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2015 Bloody Elbow MMA Scouting Report #1 Middleweight: Phil Hawes

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T.P. Grant and Zane Simon highlight a Middleweight prospect who has a chance to be a phenom talent.

Phil Hawes throwing picture perfect flying knee
Phil Hawes throwing picture perfect flying knee
Ryan Loco

Going into this both Zane and I thought Middleweight would prove to be a bit of a talent desert as the division has long been notable for its lack of young talent. But we were pleasantly surprised by the amount of talent we found and the quality of talent at the top. The best talent was extremly young, all of our Top 3 fighters have ~1 year of pro fighting each, which does demonstrate that this surge of talent is very recent.

Scroll on down to the table for links to every scouting report we've published or tune into the MMA Prospectus show on Fridays live on Google Hangouts or check out the posts of Bloody Elbow on Saturdays. For details on what makes a fighter a prospect and how Zane and I grade out prospects check out the Methodology post.

#1 - Phil Hawes

Record: 3-0 Height: 6'0" Age: 26 Years Pro: 1

Country: U.S.A. Team: Blackzilians Base: Wrestling

Phil Hawes has the resume one would expect of a top flight MMA prospect. He is a Junior College Wrestling National Champion from Iowa Central Community College. The ICCC Wresting Room has produced several JUCO Champions turned MMA fighters including UFC Heavyweight Champion Cain Velasquez, UFC Light Heavyweight Champion Jon Jones, and Bellator Featherweight Champion Joe Soto. Hawes made a brief run at Freestyle in 2012 before moving to Albuquerque to join the Jackson-Wink MMA gym. He turned pro in 2014 after a short amateur career and collected a 3-0 record by the fall of that year. Hawes has since relocated to South Florida and has joined the Blackzilian camp.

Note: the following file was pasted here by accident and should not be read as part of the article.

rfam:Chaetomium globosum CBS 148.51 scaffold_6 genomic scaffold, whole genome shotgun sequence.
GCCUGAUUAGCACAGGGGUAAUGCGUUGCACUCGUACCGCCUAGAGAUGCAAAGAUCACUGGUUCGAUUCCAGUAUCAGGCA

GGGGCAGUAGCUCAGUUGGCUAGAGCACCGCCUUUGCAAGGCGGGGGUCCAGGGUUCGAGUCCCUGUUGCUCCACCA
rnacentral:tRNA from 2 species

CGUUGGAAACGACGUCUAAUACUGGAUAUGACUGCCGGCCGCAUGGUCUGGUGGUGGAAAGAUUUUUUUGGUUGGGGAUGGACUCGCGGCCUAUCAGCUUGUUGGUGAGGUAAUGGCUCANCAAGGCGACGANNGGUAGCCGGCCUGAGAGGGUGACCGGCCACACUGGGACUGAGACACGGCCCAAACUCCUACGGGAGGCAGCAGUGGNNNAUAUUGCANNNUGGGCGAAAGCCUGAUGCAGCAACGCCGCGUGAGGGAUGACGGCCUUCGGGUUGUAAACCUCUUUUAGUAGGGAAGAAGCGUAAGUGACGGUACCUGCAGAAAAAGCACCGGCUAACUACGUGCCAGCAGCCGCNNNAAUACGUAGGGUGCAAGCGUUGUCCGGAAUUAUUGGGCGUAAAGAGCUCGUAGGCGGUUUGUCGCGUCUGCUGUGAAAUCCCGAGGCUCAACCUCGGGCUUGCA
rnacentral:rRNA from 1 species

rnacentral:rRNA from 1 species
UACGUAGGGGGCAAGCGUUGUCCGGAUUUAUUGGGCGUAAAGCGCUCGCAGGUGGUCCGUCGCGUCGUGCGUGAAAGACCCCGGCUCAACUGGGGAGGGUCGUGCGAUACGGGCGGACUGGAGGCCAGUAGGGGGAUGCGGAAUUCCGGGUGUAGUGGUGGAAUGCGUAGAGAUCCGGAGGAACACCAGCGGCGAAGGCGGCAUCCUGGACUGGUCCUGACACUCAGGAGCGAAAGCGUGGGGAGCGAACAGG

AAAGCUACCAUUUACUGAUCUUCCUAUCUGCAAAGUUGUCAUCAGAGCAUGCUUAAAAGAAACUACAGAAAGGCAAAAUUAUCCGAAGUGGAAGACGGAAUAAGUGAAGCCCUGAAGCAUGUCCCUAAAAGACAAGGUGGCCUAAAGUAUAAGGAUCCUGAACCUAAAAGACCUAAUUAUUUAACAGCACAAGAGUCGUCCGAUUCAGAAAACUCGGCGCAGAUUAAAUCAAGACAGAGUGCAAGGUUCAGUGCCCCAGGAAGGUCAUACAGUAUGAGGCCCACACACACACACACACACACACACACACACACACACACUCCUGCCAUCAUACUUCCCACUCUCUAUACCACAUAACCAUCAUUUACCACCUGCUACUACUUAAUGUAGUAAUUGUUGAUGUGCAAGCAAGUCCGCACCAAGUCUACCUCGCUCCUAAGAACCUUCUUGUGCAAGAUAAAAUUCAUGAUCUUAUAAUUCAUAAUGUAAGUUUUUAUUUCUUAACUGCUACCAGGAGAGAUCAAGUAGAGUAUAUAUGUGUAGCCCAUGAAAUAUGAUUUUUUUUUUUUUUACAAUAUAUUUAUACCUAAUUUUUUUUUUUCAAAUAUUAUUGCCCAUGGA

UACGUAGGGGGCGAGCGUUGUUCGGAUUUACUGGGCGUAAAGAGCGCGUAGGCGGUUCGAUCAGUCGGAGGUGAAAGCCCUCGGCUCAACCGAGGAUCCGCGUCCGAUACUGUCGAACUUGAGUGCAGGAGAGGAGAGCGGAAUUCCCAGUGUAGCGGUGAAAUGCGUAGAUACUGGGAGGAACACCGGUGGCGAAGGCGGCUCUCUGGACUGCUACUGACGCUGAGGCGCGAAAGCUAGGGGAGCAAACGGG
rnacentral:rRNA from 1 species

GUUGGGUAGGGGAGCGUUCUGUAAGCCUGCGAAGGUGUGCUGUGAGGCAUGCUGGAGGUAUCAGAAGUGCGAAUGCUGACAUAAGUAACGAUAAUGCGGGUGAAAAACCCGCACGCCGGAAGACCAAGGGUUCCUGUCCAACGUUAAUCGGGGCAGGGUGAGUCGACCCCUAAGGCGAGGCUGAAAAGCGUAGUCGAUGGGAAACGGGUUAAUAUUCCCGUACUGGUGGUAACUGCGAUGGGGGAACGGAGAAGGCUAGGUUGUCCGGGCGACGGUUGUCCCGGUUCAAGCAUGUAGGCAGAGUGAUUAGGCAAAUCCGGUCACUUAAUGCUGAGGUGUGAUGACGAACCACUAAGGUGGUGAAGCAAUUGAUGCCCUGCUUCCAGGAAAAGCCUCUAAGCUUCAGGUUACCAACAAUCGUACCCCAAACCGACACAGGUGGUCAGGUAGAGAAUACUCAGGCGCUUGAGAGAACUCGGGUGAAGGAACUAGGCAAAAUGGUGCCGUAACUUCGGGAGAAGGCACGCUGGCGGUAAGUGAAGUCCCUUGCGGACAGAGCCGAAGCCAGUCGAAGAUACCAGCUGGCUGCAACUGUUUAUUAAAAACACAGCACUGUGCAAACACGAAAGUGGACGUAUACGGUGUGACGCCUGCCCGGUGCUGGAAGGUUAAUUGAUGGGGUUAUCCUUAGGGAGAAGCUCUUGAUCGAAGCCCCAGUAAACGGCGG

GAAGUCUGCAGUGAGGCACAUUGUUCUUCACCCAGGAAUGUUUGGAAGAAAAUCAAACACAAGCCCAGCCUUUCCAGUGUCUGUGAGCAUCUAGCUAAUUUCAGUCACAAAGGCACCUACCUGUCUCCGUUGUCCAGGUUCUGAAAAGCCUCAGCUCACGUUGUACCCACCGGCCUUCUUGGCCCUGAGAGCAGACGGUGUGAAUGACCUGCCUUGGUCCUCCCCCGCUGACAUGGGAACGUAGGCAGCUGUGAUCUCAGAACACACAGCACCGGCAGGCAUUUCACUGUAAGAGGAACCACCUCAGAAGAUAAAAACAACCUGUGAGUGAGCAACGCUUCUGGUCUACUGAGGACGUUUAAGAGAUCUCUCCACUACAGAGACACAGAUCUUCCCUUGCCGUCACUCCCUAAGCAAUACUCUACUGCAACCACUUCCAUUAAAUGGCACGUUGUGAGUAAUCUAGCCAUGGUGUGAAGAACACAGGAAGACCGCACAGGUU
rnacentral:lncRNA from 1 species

Strengths

T.P. Grant: Hawes is a pretty excellent athlete, in addition to his wrestling ability he has been picking up the particulars of MMA really quickly. His striking still looks a bit stiff at times, but he has a comfort in punching range that is really unusual a new striker. Hawes likes pressuring forward and already has a decent feel for bringing his head offline in the pocket. Hawes has powerful takedowns that he finishes with authority. He changes levels really quickly and blasts through on his takedowns extremly well. On the ground Hawes looks for positional advancement, and once he gets to a solid position he puts down intense pressure and just crushes opponent's hips. He has a budding submission game from the top